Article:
A Beginner’s Guide to Brazilian Gyms*

*as (humorously) interpreted by a certain observant foreigner who attends an archetype of said gym / co-inhabits a home with two very athletic siblings.

  1. Attire: females go floral. Or funky. Or floral and funky. If you don’t already own a pair of brightly coloured and/or patterned spandex shorts, it’s time to hit the nearest sports clothing store (five of which probably exist on your street) and buy several — read: many — pairs. If you’re feeling extra motivated, experiment with colourful leggings, crew socks, slightly redundant flaps of fabric you can place over the crotch area, or, for the adventurous, spandex one-pieces that really show off your bust and butt. 

    For the men: well. Just wear whatever. A bro tank will work.

  2. Pre-Gym: feeling ready to break a sweat? Good. In anticipation of such strenuous activity, you might want to take a shower — because that makes a lot of sense, right? Post-shower, apply liberal amounts of perfume / cologne / deodorant / aromatic substance all over your body and hit the road. You’ll save the gym a great deal of the reais they’d otherwise spend on air fresheners!
  3. Etiquette: first and foremost, greet everyone. The lady at the reception? Bid her a bom dia. The personal trainers who are always on the morning shift? Also bid them a bom dia. The lady with the back tattoo who always kills it on the Smith machine? Nod at her as you walk to the water fountain. Greeting people is universally appreciated, and Brazil is no exception.

    Now, moving on the equipment. If you’re a good person, put the weights back on the weight rack so they’re easy to find. If you’re like most people, leave the weights scattered around the gym in random denominations, so those wishing to find a pair of 2KG free weights need to traverse the entire room scrutinizing each and every machine.

    Oh, and putting dumbbells away is a piece of cake: just place them wherever there’s a free space, even if a particular weight is three rows away from its equivalent. Happy searching!

  4. Routine: ladies, your workout isn’t complete if you haven’t done your fair share of one-legged cable kickbacks. If five of you have to crowd around two cable machines, so be it.
  5. Gym Hours: the gym in the early morning (5AM-8AM) is primarily populated by women, older men, and generally the more benign of the workout population. Come after lunch and brace yourself for the battle of the bros, as they try to see who can use the limited equipment (the squat rack, the bench, etc) for the longest length of time.On Monday mornings the gym is more crowded than usual. It doesn’t take a genius to figure out why.

    By the way, an important note on limited working hours: on Saturdays the gym is open only in the morning. The same applies to all public holidays, which occur at a frequency of always. On Sunday the gym is closed, along with everything else. So there you have it: your rest day already decided for you.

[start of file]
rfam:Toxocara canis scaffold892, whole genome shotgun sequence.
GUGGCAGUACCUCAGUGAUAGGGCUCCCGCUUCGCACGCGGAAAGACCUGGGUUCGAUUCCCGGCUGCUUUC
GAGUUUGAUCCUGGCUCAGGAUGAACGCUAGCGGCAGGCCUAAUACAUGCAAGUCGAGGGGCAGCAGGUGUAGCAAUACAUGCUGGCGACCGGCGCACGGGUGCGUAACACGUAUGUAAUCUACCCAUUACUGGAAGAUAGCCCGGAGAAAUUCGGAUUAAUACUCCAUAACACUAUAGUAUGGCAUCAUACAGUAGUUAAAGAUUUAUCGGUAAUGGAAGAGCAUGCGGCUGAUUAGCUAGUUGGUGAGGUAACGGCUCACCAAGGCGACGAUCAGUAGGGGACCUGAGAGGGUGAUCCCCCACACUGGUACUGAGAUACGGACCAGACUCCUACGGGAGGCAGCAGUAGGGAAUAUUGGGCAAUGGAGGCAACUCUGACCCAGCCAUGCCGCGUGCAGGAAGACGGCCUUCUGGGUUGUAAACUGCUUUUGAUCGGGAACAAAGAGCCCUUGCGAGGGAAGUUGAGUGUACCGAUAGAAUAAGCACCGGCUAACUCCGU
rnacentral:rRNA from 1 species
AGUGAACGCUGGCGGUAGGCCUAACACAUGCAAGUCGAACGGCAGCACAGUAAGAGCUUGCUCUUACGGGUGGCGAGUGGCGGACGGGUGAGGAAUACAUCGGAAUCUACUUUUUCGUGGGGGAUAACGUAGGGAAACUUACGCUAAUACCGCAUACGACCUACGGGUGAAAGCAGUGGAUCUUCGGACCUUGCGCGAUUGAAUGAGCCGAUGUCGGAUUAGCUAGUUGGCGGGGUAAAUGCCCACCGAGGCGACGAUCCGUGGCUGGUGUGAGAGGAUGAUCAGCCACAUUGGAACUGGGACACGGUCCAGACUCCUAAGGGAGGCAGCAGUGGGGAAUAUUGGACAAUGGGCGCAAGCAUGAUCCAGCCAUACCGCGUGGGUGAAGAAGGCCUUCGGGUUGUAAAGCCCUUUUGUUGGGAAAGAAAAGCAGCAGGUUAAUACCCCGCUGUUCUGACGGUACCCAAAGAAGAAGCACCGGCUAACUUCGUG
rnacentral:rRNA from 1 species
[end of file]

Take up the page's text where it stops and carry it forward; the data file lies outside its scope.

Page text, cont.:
6. ‘FitDance’: there is a phenomenon called FitDance (pronounced ‘Fi-chee-dance’) you will never escape. To make a long story short, it’s like a Brazilian version of Zumba. As you do your bench presses, the female personal trainer on the morning shift will loom over you and go: ‘Bora, FitDance’ (‘Let’s go, FitDance’). Explain to her that you’ll go next time and she’ll continue to ask you if you like to dance until you actually show up for a class and find out it was re-scheduled for the next hour. This tends to happens a lot in Brazil.

    But you have to admit, FitDance music is pretty darn addictive. You’ll hear it everywhere on the streets until another viral choreography is released.

    ‘Shut Up and Fit Dance!’ — every Brazilian ever (and of course, I generalize.)
  7. Ventilation: there is no such thing as air-conditioning. Instead, enjoy the fans, which will feel non-existent until you find yourself looking at one straight on and feel as if your face will fly off.
  8. Music: study your Brazilian hits, but don’t forget the Billboard 40 songs that you were listening to circa 2013.
  9. Post-Gym: congratulations! You’ve completed your workout. Now perhaps you’d like to take another shower, but one that makes more sense. Leave the gym feeling super cool alongside the dozens of others also rocking fitness gear on the streets.
  10. Some candid notes: for some great insight into cultural norms and behaviours (as well as a good workout), hit the gym. The experience certainly won’t disappoint. Besides, if you’re a regular you’ll meet some pretty awesome people who’ll have many things to share, like photos of their adult children or recommendations for neighbourhood massage parlours.

    Welcome to Brazil! What more could you want?

One thought on “A Beginner’s Guide to Brazilian Gyms*

Add yours

Leave a Reply

Fill in your details below or click an icon to log in:

WordPress.com Logo

You are commenting using your WordPress.com account. Log Out /  Change )

Google photo

You are commenting using your Google account. Log Out /  Change )

Twitter picture

You are commenting using your Twitter account. Log Out /  Change )

Facebook photo

You are commenting using your Facebook account. Log Out /  Change )

Connecting to %s

Create a free website or blog at WordPress.com.

Up ↑

%d bloggers like this: